Source: JTA, 4-4-11
The relationship between American and Israeli Jews is changing. For most of Israel’s history, the American Jewish community was larger, wealthier and more powerful than its “poor cousin” in the Middle East, but now the differences between the two communities have greatly narrowed. More Jews are living in Greater Tel Aviv than in Greater New York, and Israel, like the United States, is one of the world’s most developed nations.
In addition, funds from Israel now strengthen the American Jewish community through programs like Taglit-Birthright Israel. Charitable funds no longer flow exclusively in the other direction.
The political relationship between the two communities is likewise changing. Gone are the days when major American Jewish organizations, and the bulk of their members, took their cue from the government of Israel and supported its policies reflexively. Thanks to the Internet, American Jews now hear a full range of voices from Israel. As a result, the spectrum of American Jewish opinion concerning Israel increasingly mirrors the spectrum of opinion within Israel itself.
Given these and other changes, the relationship between the world’s two major Jewish communities is in need of recalibration. To this end, much attention has been paid over the past few years to improving American Jews’ understanding of Israel. In 2008-09, according to a recent Brandeis University study, some 548 courses on campuses across the United States focused on Israel, seeking to improve students’ knowledge of the subject. Centers for Israel studies on American campuses also have proliferated.
By contrast, Israelis learn almost nothing about American Jewry. Not one significant academic center for the study of American Jewish life exists in the State of Israel, and university-based courses on the American Jewish community are few and far between. At the high school level, the study of American Jewish life is equally neglected.
As a result, the understanding of American Jewish life on the part of Israelis is quite limited. They know next to nothing about the deepest issues upon which Israelis and American Jews agree and disagree. They cannot comprehend what church-state separation means and how pluralism operates in the American context. Many fail to understand their American cousins at all.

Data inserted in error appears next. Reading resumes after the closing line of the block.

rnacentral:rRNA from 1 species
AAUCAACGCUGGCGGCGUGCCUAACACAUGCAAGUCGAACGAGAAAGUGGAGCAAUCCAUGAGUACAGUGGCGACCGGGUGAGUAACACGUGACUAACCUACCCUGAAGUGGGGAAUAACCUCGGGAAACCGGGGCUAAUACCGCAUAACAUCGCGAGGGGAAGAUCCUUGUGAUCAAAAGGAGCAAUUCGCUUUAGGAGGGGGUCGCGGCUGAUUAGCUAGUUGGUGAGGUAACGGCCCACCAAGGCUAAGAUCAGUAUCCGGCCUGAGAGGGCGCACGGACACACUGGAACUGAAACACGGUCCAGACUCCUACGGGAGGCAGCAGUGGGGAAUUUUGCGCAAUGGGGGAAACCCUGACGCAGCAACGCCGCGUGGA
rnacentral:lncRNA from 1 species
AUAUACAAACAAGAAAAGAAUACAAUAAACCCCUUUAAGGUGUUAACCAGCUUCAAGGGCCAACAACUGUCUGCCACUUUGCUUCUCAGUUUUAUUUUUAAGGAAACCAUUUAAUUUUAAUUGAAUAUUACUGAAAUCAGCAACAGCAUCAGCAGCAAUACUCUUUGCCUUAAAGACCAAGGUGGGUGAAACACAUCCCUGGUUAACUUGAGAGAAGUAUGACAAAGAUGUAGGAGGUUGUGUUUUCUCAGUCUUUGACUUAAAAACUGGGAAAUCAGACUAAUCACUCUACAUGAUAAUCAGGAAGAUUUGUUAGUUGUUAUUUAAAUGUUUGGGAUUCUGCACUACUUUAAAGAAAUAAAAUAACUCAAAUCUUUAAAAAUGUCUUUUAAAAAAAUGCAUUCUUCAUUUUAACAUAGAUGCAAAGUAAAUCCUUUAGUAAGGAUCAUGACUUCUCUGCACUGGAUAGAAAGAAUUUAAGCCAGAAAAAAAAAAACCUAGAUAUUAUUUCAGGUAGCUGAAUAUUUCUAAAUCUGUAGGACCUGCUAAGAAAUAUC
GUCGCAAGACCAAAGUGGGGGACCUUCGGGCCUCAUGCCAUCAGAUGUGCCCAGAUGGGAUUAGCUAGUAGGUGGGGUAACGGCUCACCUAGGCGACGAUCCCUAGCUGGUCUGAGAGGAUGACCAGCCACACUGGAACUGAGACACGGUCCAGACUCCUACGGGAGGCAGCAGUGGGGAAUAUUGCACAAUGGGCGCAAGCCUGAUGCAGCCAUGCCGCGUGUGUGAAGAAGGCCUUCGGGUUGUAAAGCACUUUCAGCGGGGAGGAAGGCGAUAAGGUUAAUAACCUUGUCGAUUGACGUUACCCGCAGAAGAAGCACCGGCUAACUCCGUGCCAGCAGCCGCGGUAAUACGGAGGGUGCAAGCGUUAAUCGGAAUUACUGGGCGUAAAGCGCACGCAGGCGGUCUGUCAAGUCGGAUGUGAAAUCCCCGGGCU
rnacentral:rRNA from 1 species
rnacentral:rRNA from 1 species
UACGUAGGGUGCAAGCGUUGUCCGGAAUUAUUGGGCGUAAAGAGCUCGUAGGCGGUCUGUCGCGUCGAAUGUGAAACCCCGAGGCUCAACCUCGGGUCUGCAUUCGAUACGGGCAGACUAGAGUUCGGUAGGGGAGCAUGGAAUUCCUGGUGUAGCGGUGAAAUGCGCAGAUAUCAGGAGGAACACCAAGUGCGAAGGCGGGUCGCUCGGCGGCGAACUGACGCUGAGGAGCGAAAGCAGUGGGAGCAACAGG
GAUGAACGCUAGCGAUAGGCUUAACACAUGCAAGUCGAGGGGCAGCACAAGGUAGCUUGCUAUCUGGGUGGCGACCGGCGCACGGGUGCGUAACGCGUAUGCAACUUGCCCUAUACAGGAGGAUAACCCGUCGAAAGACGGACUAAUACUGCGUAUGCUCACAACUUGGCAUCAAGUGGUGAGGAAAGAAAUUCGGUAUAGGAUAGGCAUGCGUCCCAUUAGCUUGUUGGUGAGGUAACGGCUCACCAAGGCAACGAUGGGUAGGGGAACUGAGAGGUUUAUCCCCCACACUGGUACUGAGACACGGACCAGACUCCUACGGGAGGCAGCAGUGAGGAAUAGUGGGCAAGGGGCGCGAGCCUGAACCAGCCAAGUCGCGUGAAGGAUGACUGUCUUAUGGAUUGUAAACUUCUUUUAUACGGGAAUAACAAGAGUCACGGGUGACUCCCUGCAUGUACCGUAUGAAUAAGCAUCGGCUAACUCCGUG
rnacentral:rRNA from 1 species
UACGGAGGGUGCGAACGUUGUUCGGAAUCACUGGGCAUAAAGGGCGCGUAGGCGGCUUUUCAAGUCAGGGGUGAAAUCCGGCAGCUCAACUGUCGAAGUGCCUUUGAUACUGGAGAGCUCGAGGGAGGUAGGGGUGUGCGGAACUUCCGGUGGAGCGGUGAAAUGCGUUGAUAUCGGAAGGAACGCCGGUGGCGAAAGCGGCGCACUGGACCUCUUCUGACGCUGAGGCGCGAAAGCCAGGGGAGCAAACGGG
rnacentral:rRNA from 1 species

All Israelis, political leaders in particular, would benefit from knowing more about American Jewish life. The more American Jews and Israelis learn about one another, the better their future relationship will be.
Israelis, including members of Knesset, too often only look inward at Israeli society when legislating and voting on matters that ultimately impact upon American Jewry. Even if their first responsibility is to the citizens they represent and the sovereign state they serve, they would do well to consider how the American Jewish community, too, is affected by their choices.
If every measure considered by the Knesset carried a “Diaspora impact statement” (analogous to our environmental impact statements), consciousness of how Israel’s actions impact upon world Jewry would be heightened.
Six Israeli Knesset members are visiting Boston and New York as part of a program organized by Brandeis University and the Ruderman Foundation to help Israeli leaders gain new perspectives on American Jewish life and on the changing relationship between their country and the American Jewish community. They are meeting with religious figures, community leaders and private citizens.
By learning more about the American Jewish community, we hope they will come to better appreciate how their actions — such as Knesset efforts to legally define Jewishness for the purposes of marriage or aliyah, Israel’s military actions and how the Foreign Ministry reacts to democratic uprisings in the Arab world — impact upon American Jews and Jews worldwide.
Educating Israel’s political leaders about the American Jewish community should be the start of a larger effort aimed at teaching Israelis as much about American Jews as the latter learn about them.
A new day is dawning in the relationship between American Jews and Israel. The image of wealthy American Jews providing charity to their struggling Israeli cousins is fading fast. More than ever, each community now needs to understand how its interests are bound up with that of the other.
Just as American Jews are becoming better educated about Israel, the time has come for Israelis to learn more about the American Jewish community and their inextricable relationship to it.
(Jonathan Sarna is the Joseph H. & Belle R. Braun Professor of American Jewish History at Brandeis University and chief historian of the National Museum of American Jewish History. Jay Ruderman is president of the Ruderman Family Foundation, which has offices in Boston and Rehovot, Israel.)